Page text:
Sometimes the material delights of this world help to pull you back into it. I discover from a blogger friend the website PopSugar. It is an addictive potpourri of celebrity gossip, gorgeous pictures and silly pop stories. Try not to linger too long if you have a major laundry backup, but there is this wonderful little treasure trove called the PopSugar “Must Have” Box. It is a monthly subscription wherein the PopSugar fashion/lifestyle/beauty/allthingsgirlie guru, Lisa Sugar, curates a selection of products in beauty, fashion, fitness, food and home. It is $39.95 per month, and fortuitously my first box comes the day I have my D&C. Oh, sad, but just a little bit happier day.
I find that I feel a bit better about life in general (OK, OK, those magic feel-good painkillers probably help too). There are all sorts of seasonally perfect things in my box: I get a Michael Starr beach hat, some adorable chevron salad servers, Sun Bum sunscreen and cool down lotions, a TKO Jump Rope with extra comfy handles, some excellent mascara, coconut chips from the “dang” food company, and party straws from Acme Party Company. So much swag! My next box also has a wonderful assortment: aroma-rich shower gel, a necklace from Kendra Scott, gourmet cookie mix….it is such a delight to receive this manna from girl heaven. And while retail therapy can only go so far, it’s the element of surprise and careful selection that remind me how much fun is still to be had.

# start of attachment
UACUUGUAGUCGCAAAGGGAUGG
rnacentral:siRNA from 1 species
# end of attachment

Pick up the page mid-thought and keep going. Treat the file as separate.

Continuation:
7. And finally, just be kind to yourself.
Yes, we mamas are called upon to be superhuman sometimes, but in the end we are, after all, just human. Give yourself some time to cry a little, and don’t feel like you’re being inefficient by having feelings that need tending.
And if none of these silly suggestions work? Go talk to your doctor. Get some help. Because those little kids and big kids need their happy mama.